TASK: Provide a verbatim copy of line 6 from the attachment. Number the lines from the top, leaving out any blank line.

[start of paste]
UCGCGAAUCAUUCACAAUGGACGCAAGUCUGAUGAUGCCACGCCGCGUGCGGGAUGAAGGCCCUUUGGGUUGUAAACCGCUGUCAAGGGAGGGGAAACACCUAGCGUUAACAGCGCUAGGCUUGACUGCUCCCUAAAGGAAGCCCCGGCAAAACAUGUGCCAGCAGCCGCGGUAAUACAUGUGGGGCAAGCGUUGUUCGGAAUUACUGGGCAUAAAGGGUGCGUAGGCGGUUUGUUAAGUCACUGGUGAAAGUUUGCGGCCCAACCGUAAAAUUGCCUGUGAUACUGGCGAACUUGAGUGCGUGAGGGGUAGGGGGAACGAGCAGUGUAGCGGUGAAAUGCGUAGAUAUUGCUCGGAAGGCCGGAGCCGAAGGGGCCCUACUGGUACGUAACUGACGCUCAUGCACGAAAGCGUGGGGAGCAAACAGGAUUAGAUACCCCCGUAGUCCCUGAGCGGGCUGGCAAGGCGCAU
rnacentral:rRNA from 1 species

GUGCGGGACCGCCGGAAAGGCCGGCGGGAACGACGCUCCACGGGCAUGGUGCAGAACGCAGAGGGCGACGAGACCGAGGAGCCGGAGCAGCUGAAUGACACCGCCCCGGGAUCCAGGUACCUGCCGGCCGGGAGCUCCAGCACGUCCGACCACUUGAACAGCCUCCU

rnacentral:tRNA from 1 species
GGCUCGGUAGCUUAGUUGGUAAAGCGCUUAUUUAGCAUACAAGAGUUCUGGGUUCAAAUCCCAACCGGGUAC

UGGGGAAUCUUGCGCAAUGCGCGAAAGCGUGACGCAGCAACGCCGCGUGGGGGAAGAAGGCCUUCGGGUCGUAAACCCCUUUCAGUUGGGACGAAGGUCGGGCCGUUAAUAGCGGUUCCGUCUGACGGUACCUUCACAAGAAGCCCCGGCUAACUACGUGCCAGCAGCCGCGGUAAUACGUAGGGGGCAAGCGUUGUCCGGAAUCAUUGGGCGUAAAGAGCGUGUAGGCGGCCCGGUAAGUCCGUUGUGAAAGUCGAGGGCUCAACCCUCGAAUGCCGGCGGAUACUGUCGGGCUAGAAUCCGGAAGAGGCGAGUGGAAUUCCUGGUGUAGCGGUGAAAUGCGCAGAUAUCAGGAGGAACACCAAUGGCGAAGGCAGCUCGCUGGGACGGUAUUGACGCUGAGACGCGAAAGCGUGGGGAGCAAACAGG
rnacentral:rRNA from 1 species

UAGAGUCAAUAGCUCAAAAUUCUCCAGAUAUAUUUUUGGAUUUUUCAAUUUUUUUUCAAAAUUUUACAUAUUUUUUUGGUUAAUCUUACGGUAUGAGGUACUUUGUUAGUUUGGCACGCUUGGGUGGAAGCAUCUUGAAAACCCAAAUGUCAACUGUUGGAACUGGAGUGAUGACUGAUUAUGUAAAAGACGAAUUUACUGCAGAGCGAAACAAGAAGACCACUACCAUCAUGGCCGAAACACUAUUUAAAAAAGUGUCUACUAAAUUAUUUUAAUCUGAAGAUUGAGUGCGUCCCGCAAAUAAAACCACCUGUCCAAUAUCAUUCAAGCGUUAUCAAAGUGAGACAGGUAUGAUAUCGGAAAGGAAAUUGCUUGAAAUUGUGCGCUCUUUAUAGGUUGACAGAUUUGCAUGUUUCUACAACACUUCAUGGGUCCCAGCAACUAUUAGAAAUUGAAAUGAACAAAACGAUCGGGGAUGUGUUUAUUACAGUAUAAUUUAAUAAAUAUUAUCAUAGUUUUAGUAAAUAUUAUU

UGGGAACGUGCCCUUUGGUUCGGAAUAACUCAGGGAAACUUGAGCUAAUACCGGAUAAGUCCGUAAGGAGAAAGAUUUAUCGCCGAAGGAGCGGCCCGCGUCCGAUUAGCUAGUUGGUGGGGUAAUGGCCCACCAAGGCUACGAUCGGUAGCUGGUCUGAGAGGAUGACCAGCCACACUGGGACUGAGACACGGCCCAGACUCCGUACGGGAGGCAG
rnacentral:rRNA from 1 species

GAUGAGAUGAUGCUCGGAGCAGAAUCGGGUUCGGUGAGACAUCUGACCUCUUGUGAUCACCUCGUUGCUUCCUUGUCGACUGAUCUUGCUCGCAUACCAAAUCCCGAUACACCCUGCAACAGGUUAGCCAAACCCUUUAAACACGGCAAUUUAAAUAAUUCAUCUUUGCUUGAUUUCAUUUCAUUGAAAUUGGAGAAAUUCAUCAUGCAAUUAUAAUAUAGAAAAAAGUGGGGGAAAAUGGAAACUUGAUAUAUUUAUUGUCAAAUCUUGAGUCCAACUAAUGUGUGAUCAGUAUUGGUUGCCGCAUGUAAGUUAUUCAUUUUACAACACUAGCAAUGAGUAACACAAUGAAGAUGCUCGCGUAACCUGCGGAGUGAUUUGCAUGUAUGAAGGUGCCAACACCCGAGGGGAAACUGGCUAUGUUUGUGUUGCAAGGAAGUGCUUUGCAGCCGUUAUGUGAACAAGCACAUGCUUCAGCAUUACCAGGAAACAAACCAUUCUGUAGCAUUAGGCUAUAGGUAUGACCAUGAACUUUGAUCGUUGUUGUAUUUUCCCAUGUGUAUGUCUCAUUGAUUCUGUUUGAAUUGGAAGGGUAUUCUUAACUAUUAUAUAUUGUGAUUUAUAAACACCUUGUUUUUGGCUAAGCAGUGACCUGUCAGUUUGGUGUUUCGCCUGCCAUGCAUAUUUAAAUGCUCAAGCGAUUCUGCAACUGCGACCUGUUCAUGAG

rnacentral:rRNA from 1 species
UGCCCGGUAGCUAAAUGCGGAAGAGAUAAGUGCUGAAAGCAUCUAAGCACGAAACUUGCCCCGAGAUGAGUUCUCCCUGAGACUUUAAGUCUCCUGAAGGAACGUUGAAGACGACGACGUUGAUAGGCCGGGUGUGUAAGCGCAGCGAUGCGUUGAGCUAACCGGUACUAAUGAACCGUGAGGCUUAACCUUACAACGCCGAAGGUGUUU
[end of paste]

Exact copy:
UGGGGAAUCUUGCGCAAUGCGCGAAAGCGUGACGCAGCAACGCCGCGUGGGGGAAGAAGGCCUUCGGGUCGUAAACCCCUUUCAGUUGGGACGAAGGUCGGGCCGUUAAUAGCGGUUCCGUCUGACGGUACCUUCACAAGAAGCCCCGGCUAACUACGUGCCAGCAGCCGCGGUAAUACGUAGGGGGCAAGCGUUGUCCGGAAUCAUUGGGCGUAAAGAGCGUGUAGGCGGCCCGGUAAGUCCGUUGUGAAAGUCGAGGGCUCAACCCUCGAAUGCCGGCGGAUACUGUCGGGCUAGAAUCCGGAAGAGGCGAGUGGAAUUCCUGGUGUAGCGGUGAAAUGCGCAGAUAUCAGGAGGAACACCAAUGGCGAAGGCAGCUCGCUGGGACGGUAUUGACGCUGAGACGCGAAAGCGUGGGGAGCAAACAGG